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Learn all about Ryukyu culture with a day on Taketomi Island

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By Elizabeth Sok

Long before Okinawa and the surrounding islands were colonized by Japan in the 19th century, the Ryukyu Kingdom was an independent state that forged relationships with China, Taiwan and Japan, and had its own language and culture that were both distinct and influenced by its powerful neighbors. As a part of the Iriomote-Ishigaki National Park, Taketomi Island or Taketomijima is an effort to preserve Ryukyu culture.

Visitors to the island will see the characteristic red-tiled roofs which became emblematic of Ryukyu culture during the twentieth century and shisa, the mythological lion-like figures that stand guard on houses and buildings.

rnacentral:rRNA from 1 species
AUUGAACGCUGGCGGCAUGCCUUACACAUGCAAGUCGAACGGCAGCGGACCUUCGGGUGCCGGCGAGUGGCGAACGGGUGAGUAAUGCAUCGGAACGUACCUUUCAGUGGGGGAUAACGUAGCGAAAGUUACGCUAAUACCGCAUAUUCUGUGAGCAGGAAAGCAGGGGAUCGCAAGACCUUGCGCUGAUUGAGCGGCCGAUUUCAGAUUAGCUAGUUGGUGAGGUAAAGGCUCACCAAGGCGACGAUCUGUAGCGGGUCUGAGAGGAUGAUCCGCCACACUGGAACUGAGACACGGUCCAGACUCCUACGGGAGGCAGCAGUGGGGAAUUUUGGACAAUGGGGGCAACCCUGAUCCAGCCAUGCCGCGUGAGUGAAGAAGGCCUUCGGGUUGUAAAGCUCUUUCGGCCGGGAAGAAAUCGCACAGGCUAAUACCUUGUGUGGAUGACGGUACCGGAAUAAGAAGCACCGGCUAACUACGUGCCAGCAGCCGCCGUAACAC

Activities in Taketomi

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Learn more about the island while on a water buffalo-drawn carriage. Image: PIXTA/ スカイウォーター

As you disembark, you’ll have a few options as to how to get around the island’s five square kilometers. At about six kilometers in length and taking around two hours to complete, the Taketomi Island Natural Education Walking Path is a great way to see the island at your own pace. Along the way, you’ll be able to hit up the most popular spots, including the Taketomi Folk Craft Museum, Taketomi Village, Kaiji and Kondoi Beaches, as well as bask in the beautiful nature Taketomi has to offer.

If hiking is not your cup of tea, how about a thirty-minute tour of the village and the surrounding area while being pulled by a water buffalo? Guides will give information about the island’s history and culture, and treat you to music played on the sanshin, a traditional Ryukyu instrument.

Click here to read more.

© GaijinPot

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Looks amazing. It's going on my list

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